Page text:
The strong play of McCarthy and Johnson during the last two weeks reflects how much the freshmen have contributed. As senior captain Evan Cummins pointed out, people often unfairly evaluate the team’s freshmen and upperclassmen by the same standards, even though many of this year’s upperclassmen, including Cummins, played very little during their freshmen years. This gave them an opportunity to learn the team’s system in practice. McCarthy and Johnson, thrust into the starting lineup at the start of the season, never had that luxury. That they’ve withstood this pressure so well bodes well for the future.

Edosomwan’s Struggles

Meanwhile, Edosomwan has struggled. After a dominant performance in non-conference play (highlighted by his 25-point, 16-rebound effort against Oklahoma in the Diamondhead Classic final), the junior center did not score against Yale and had just three points against Brown. Admittedly, the Bulldogs and Bears have some of the best post players in the conference, but as Amaker said after the Yale game, the team needs more production from its frontline, including Edsomwan.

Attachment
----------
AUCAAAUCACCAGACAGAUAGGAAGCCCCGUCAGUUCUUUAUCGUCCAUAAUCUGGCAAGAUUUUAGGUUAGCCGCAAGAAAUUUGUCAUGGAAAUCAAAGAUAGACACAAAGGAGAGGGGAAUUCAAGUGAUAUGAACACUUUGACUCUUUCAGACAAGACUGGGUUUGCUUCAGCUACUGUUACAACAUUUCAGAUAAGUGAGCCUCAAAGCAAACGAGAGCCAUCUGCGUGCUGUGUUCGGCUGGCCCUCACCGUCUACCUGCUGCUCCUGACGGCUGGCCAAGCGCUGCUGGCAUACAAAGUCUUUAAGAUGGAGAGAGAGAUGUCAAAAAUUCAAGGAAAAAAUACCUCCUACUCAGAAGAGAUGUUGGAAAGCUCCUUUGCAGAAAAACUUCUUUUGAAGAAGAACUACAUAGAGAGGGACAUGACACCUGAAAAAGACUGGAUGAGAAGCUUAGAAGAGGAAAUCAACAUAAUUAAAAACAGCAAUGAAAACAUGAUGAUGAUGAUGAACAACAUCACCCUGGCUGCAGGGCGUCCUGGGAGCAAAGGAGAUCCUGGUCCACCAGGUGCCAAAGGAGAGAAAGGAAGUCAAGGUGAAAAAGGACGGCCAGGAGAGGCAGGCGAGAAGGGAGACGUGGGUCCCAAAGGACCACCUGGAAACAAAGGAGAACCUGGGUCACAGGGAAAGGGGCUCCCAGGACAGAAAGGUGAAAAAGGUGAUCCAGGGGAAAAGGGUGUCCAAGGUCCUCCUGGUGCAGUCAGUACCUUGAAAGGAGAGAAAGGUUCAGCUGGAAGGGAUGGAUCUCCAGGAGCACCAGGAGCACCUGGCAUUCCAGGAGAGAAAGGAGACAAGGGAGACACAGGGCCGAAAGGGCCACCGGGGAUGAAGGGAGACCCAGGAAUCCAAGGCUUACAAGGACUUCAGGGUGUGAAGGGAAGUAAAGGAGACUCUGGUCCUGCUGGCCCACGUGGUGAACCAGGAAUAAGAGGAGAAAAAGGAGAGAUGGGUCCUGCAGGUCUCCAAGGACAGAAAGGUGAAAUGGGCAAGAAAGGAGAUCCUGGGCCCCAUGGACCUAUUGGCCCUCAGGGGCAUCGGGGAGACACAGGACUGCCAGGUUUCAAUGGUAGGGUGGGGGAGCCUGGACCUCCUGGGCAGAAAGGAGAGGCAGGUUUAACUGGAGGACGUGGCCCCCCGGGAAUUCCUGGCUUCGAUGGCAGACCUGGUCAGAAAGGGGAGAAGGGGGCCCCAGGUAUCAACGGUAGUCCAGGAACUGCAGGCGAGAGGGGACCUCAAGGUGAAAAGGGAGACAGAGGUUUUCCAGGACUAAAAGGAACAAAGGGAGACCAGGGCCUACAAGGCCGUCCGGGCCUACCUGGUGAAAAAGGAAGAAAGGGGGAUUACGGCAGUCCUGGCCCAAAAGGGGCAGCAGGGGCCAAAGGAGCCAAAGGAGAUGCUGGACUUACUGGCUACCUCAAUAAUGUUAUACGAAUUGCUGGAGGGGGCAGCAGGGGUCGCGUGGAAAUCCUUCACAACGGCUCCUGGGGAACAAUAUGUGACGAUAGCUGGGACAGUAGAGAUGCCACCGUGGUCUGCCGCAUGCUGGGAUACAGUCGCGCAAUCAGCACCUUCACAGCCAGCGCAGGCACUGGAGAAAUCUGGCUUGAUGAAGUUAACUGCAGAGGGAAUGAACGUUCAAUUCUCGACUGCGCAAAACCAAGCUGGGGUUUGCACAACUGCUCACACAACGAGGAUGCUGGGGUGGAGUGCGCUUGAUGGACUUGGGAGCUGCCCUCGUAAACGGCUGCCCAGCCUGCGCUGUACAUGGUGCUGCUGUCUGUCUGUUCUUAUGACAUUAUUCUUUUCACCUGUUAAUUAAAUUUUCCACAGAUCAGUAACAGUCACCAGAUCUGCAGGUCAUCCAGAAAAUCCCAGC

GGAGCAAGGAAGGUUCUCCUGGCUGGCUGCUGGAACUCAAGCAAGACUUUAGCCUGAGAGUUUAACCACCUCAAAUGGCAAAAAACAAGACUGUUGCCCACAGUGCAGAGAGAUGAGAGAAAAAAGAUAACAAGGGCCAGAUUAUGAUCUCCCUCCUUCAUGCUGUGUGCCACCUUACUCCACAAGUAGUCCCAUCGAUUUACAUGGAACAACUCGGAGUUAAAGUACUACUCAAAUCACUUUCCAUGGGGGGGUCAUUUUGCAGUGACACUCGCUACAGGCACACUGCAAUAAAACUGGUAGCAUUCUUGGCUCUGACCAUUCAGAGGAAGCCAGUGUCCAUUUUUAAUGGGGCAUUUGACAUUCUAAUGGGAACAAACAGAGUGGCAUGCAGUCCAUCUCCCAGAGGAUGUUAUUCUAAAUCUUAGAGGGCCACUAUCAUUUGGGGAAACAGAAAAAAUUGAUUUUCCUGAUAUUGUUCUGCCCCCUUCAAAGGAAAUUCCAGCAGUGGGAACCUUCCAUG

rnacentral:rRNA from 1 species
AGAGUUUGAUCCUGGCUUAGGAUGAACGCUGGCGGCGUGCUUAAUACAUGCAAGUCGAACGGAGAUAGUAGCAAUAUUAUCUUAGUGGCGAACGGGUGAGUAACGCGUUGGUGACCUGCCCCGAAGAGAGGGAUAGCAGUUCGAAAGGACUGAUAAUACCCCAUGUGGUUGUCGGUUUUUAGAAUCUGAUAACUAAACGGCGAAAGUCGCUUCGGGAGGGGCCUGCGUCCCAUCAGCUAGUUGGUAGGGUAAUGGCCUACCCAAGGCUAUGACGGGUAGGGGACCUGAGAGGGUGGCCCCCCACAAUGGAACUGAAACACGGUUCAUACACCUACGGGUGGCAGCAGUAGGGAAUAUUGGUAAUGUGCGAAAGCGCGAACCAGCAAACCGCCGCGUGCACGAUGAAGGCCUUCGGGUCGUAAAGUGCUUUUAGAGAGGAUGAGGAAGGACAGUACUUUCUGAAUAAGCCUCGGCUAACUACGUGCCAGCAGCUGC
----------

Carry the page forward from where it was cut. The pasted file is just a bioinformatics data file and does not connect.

Cummins, a fellow frontcourt starter, pointed out that the Ivy League is exceptionally well coached (and therefore aware of Edosomwan’s ability to make a difference in games), and Ivy teams also tend to pack the lane. Brown, Cummins observed, often had three defenders within five feet of Edosomwan when he caught the ball. And when opposing defenses concentrate on defending the junior big man in the interior, the guards, of course, have opportunities to sink shots from outside. Thus, Edosomwan’s presence affects the game in ways that don’t show up in the box score.

Nonetheless, his decreased productivity is a cause for concern. The best players adapt to the defenses they face. For Edosomwan, that means passing more quickly out of double- or triple-teams and improving his foul shooting. If Harvard is to compete for the Ivy title next year, Edosomwan will need to have a much bigger impact in conference play.

A Fighting Spirit

Despite its disappointing record, the team has continued to play spirited basketball. Senior Agunwa Okolie hauled in 19 rebounds against Brown and scored in double digits in both Providence and New Haven this weekend. Nor did the team’s backups pack it in against Yale in the final minutes on Friday night: they closed the game on a 10-0 run to make the final result respectable. Finally, Harvard won consecutive Saturday night games on the road—no easy feat in the Ivy League, which has the unusual practice of scheduling conference games on back-to-back weekend evenings.